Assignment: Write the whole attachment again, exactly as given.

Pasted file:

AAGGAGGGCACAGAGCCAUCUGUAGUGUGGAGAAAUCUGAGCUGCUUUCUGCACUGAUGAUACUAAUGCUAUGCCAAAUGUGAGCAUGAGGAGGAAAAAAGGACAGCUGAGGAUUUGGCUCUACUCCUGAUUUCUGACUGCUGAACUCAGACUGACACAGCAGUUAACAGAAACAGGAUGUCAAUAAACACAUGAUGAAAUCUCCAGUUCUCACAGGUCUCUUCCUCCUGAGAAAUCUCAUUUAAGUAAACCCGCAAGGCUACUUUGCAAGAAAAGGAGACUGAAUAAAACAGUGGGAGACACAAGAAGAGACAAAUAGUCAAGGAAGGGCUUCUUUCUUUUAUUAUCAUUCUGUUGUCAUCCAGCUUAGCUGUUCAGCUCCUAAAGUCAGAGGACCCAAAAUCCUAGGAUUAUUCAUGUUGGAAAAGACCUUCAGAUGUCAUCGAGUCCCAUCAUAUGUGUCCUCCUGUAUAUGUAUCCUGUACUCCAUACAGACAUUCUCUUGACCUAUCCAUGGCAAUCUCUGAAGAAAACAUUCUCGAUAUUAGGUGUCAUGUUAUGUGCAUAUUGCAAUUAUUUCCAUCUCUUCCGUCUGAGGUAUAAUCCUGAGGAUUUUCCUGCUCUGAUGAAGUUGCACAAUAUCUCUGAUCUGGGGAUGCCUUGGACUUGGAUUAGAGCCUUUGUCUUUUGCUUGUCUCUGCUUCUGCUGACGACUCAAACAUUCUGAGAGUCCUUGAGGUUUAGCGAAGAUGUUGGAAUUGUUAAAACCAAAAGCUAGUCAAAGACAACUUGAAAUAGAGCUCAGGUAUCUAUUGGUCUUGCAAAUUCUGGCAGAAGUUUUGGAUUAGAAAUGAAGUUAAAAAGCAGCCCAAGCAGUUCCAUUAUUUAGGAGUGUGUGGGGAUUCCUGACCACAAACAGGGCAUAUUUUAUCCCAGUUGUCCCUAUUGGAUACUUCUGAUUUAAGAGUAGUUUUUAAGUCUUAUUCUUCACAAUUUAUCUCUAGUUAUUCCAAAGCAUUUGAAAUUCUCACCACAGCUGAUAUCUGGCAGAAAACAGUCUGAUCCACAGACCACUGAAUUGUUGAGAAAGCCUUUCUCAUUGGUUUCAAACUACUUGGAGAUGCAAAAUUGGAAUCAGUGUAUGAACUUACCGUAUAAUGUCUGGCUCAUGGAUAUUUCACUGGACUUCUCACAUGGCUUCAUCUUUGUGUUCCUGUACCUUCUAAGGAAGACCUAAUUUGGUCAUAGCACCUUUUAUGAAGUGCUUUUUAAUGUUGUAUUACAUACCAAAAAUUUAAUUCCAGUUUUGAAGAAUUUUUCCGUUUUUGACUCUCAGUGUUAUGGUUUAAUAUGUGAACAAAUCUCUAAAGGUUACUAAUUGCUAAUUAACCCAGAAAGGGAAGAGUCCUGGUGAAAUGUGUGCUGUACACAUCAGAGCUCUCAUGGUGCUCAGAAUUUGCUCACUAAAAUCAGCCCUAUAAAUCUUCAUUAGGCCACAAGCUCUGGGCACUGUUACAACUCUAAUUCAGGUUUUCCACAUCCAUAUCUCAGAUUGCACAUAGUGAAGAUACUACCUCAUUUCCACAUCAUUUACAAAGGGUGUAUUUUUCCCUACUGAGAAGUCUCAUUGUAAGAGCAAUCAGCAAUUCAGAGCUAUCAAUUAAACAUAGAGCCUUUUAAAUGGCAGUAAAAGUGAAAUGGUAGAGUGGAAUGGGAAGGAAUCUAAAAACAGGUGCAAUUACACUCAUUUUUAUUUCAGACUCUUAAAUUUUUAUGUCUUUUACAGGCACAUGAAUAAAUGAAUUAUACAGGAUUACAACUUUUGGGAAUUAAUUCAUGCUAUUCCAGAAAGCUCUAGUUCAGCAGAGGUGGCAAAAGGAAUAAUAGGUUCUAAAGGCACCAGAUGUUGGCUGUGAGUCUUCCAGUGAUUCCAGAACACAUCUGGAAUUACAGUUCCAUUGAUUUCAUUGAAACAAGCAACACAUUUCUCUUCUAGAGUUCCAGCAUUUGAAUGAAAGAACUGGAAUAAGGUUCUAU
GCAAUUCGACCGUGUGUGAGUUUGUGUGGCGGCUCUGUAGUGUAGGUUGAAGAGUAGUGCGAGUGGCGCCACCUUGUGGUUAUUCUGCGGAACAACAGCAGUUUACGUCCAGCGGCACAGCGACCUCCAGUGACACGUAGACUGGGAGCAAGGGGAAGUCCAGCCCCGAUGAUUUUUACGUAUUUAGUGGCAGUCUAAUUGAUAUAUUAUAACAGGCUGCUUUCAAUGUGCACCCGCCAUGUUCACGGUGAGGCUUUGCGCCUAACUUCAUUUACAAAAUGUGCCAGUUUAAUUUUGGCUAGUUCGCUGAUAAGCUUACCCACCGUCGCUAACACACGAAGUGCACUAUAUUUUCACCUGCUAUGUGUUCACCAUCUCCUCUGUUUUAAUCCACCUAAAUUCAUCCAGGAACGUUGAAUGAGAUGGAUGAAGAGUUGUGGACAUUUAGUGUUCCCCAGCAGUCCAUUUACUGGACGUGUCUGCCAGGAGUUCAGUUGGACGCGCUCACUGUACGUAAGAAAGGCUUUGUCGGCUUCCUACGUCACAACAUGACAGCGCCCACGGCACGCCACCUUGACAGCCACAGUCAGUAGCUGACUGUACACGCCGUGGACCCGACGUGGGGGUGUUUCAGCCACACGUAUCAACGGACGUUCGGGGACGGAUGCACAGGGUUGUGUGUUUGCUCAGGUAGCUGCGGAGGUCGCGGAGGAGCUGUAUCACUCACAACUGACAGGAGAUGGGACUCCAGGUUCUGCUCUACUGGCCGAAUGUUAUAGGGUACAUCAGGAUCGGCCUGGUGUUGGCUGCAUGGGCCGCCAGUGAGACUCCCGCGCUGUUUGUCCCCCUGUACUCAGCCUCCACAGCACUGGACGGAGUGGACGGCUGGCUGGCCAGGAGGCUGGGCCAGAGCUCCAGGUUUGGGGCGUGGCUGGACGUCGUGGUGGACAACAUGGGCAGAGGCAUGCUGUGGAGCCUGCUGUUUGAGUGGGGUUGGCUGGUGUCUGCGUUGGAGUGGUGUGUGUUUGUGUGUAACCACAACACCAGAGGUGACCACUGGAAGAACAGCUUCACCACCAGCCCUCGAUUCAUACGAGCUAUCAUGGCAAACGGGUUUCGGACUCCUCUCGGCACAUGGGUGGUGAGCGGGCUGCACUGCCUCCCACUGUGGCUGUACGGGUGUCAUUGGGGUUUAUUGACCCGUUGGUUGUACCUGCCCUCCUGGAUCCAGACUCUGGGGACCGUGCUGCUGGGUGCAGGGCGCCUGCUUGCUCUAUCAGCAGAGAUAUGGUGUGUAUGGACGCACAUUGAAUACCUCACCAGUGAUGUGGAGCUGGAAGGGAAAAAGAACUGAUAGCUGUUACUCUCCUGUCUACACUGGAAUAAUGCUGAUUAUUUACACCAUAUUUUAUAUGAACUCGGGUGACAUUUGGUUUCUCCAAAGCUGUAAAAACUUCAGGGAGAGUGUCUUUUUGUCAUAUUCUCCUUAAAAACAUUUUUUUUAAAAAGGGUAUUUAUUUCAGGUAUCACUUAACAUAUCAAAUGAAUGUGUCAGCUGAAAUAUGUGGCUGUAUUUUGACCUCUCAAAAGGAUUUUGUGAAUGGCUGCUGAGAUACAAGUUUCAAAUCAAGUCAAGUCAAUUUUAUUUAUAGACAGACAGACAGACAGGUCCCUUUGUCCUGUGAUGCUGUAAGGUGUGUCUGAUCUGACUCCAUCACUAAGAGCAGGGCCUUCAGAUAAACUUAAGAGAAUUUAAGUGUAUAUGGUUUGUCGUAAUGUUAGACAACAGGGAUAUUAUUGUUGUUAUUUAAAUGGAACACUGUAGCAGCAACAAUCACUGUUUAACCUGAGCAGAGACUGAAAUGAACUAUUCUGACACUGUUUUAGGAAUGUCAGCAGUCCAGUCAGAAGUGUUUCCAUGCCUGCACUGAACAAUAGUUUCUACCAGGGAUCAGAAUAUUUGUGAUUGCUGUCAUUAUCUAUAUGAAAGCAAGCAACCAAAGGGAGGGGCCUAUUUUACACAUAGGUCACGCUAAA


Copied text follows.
AAGGAGGGCACAGAGCCAUCUGUAGUGUGGAGAAAUCUGAGCUGCUUUCUGCACUGAUGAUACUAAUGCUAUGCCAAAUGUGAGCAUGAGGAGGAAAAAAGGACAGCUGAGGAUUUGGCUCUACUCCUGAUUUCUGACUGCUGAACUCAGACUGACACAGCAGUUAACAGAAACAGGAUGUCAAUAAACACAUGAUGAAAUCUCCAGUUCUCACAGGUCUCUUCCUCCUGAGAAAUCUCAUUUAAGUAAACCCGCAAGGCUACUUUGCAAGAAAAGGAGACUGAAUAAAACAGUGGGAGACACAAGAAGAGACAAAUAGUCAAGGAAGGGCUUCUUUCUUUUAUUAUCAUUCUGUUGUCAUCCAGCUUAGCUGUUCAGCUCCUAAAGUCAGAGGACCCAAAAUCCUAGGAUUAUUCAUGUUGGAAAAGACCUUCAGAUGUCAUCGAGUCCCAUCAUAUGUGUCCUCCUGUAUAUGUAUCCUGUACUCCAUACAGACAUUCUCUUGACCUAUCCAUGGCAAUCUCUGAAGAAAACAUUCUCGAUAUUAGGUGUCAUGUUAUGUGCAUAUUGCAAUUAUUUCCAUCUCUUCCGUCUGAGGUAUAAUCCUGAGGAUUUUCCUGCUCUGAUGAAGUUGCACAAUAUCUCUGAUCUGGGGAUGCCUUGGACUUGGAUUAGAGCCUUUGUCUUUUGCUUGUCUCUGCUUCUGCUGACGACUCAAACAUUCUGAGAGUCCUUGAGGUUUAGCGAAGAUGUUGGAAUUGUUAAAACCAAAAGCUAGUCAAAGACAACUUGAAAUAGAGCUCAGGUAUCUAUUGGUCUUGCAAAUUCUGGCAGAAGUUUUGGAUUAGAAAUGAAGUUAAAAAGCAGCCCAAGCAGUUCCAUUAUUUAGGAGUGUGUGGGGAUUCCUGACCACAAACAGGGCAUAUUUUAUCCCAGUUGUCCCUAUUGGAUACUUCUGAUUUAAGAGUAGUUUUUAAGUCUUAUUCUUCACAAUUUAUCUCUAGUUAUUCCAAAGCAUUUGAAAUUCUCACCACAGCUGAUAUCUGGCAGAAAACAGUCUGAUCCACAGACCACUGAAUUGUUGAGAAAGCCUUUCUCAUUGGUUUCAAACUACUUGGAGAUGCAAAAUUGGAAUCAGUGUAUGAACUUACCGUAUAAUGUCUGGCUCAUGGAUAUUUCACUGGACUUCUCACAUGGCUUCAUCUUUGUGUUCCUGUACCUUCUAAGGAAGACCUAAUUUGGUCAUAGCACCUUUUAUGAAGUGCUUUUUAAUGUUGUAUUACAUACCAAAAAUUUAAUUCCAGUUUUGAAGAAUUUUUCCGUUUUUGACUCUCAGUGUUAUGGUUUAAUAUGUGAACAAAUCUCUAAAGGUUACUAAUUGCUAAUUAACCCAGAAAGGGAAGAGUCCUGGUGAAAUGUGUGCUGUACACAUCAGAGCUCUCAUGGUGCUCAGAAUUUGCUCACUAAAAUCAGCCCUAUAAAUCUUCAUUAGGCCACAAGCUCUGGGCACUGUUACAACUCUAAUUCAGGUUUUCCACAUCCAUAUCUCAGAUUGCACAUAGUGAAGAUACUACCUCAUUUCCACAUCAUUUACAAAGGGUGUAUUUUUCCCUACUGAGAAGUCUCAUUGUAAGAGCAAUCAGCAAUUCAGAGCUAUCAAUUAAACAUAGAGCCUUUUAAAUGGCAGUAAAAGUGAAAUGGUAGAGUGGAAUGGGAAGGAAUCUAAAAACAGGUGCAAUUACACUCAUUUUUAUUUCAGACUCUUAAAUUUUUAUGUCUUUUACAGGCACAUGAAUAAAUGAAUUAUACAGGAUUACAACUUUUGGGAAUUAAUUCAUGCUAUUCCAGAAAGCUCUAGUUCAGCAGAGGUGGCAAAAGGAAUAAUAGGUUCUAAAGGCACCAGAUGUUGGCUGUGAGUCUUCCAGUGAUUCCAGAACACAUCUGGAAUUACAGUUCCAUUGAUUUCAUUGAAACAAGCAACACAUUUCUCUUCUAGAGUUCCAGCAUUUGAAUGAAAGAACUGGAAUAAGGUUCUAU
GCAAUUCGACCGUGUGUGAGUUUGUGUGGCGGCUCUGUAGUGUAGGUUGAAGAGUAGUGCGAGUGGCGCCACCUUGUGGUUAUUCUGCGGAACAACAGCAGUUUACGUCCAGCGGCACAGCGACCUCCAGUGACACGUAGACUGGGAGCAAGGGGAAGUCCAGCCCCGAUGAUUUUUACGUAUUUAGUGGCAGUCUAAUUGAUAUAUUAUAACAGGCUGCUUUCAAUGUGCACCCGCCAUGUUCACGGUGAGGCUUUGCGCCUAACUUCAUUUACAAAAUGUGCCAGUUUAAUUUUGGCUAGUUCGCUGAUAAGCUUACCCACCGUCGCUAACACACGAAGUGCACUAUAUUUUCACCUGCUAUGUGUUCACCAUCUCCUCUGUUUUAAUCCACCUAAAUUCAUCCAGGAACGUUGAAUGAGAUGGAUGAAGAGUUGUGGACAUUUAGUGUUCCCCAGCAGUCCAUUUACUGGACGUGUCUGCCAGGAGUUCAGUUGGACGCGCUCACUGUACGUAAGAAAGGCUUUGUCGGCUUCCUACGUCACAACAUGACAGCGCCCACGGCACGCCACCUUGACAGCCACAGUCAGUAGCUGACUGUACACGCCGUGGACCCGACGUGGGGGUGUUUCAGCCACACGUAUCAACGGACGUUCGGGGACGGAUGCACAGGGUUGUGUGUUUGCUCAGGUAGCUGCGGAGGUCGCGGAGGAGCUGUAUCACUCACAACUGACAGGAGAUGGGACUCCAGGUUCUGCUCUACUGGCCGAAUGUUAUAGGGUACAUCAGGAUCGGCCUGGUGUUGGCUGCAUGGGCCGCCAGUGAGACUCCCGCGCUGUUUGUCCCCCUGUACUCAGCCUCCACAGCACUGGACGGAGUGGACGGCUGGCUGGCCAGGAGGCUGGGCCAGAGCUCCAGGUUUGGGGCGUGGCUGGACGUCGUGGUGGACAACAUGGGCAGAGGCAUGCUGUGGAGCCUGCUGUUUGAGUGGGGUUGGCUGGUGUCUGCGUUGGAGUGGUGUGUGUUUGUGUGUAACCACAACACCAGAGGUGACCACUGGAAGAACAGCUUCACCACCAGCCCUCGAUUCAUACGAGCUAUCAUGGCAAACGGGUUUCGGACUCCUCUCGGCACAUGGGUGGUGAGCGGGCUGCACUGCCUCCCACUGUGGCUGUACGGGUGUCAUUGGGGUUUAUUGACCCGUUGGUUGUACCUGCCCUCCUGGAUCCAGACUCUGGGGACCGUGCUGCUGGGUGCAGGGCGCCUGCUUGCUCUAUCAGCAGAGAUAUGGUGUGUAUGGACGCACAUUGAAUACCUCACCAGUGAUGUGGAGCUGGAAGGGAAAAAGAACUGAUAGCUGUUACUCUCCUGUCUACACUGGAAUAAUGCUGAUUAUUUACACCAUAUUUUAUAUGAACUCGGGUGACAUUUGGUUUCUCCAAAGCUGUAAAAACUUCAGGGAGAGUGUCUUUUUGUCAUAUUCUCCUUAAAAACAUUUUUUUUAAAAAGGGUAUUUAUUUCAGGUAUCACUUAACAUAUCAAAUGAAUGUGUCAGCUGAAAUAUGUGGCUGUAUUUUGACCUCUCAAAAGGAUUUUGUGAAUGGCUGCUGAGAUACAAGUUUCAAAUCAAGUCAAGUCAAUUUUAUUUAUAGACAGACAGACAGACAGGUCCCUUUGUCCUGUGAUGCUGUAAGGUGUGUCUGAUCUGACUCCAUCACUAAGAGCAGGGCCUUCAGAUAAACUUAAGAGAAUUUAAGUGUAUAUGGUUUGUCGUAAUGUUAGACAACAGGGAUAUUAUUGUUGUUAUUUAAAUGGAACACUGUAGCAGCAACAAUCACUGUUUAACCUGAGCAGAGACUGAAAUGAACUAUUCUGACACUGUUUUAGGAAUGUCAGCAGUCCAGUCAGAAGUGUUUCCAUGCCUGCACUGAACAAUAGUUUCUACCAGGGAUCAGAAUAUUUGUGAUUGCUGUCAUUAUCUAUAUGAAAGCAAGCAACCAAAGGGAGGGGCCUAUUUUACACAUAGGUCACGCUAAA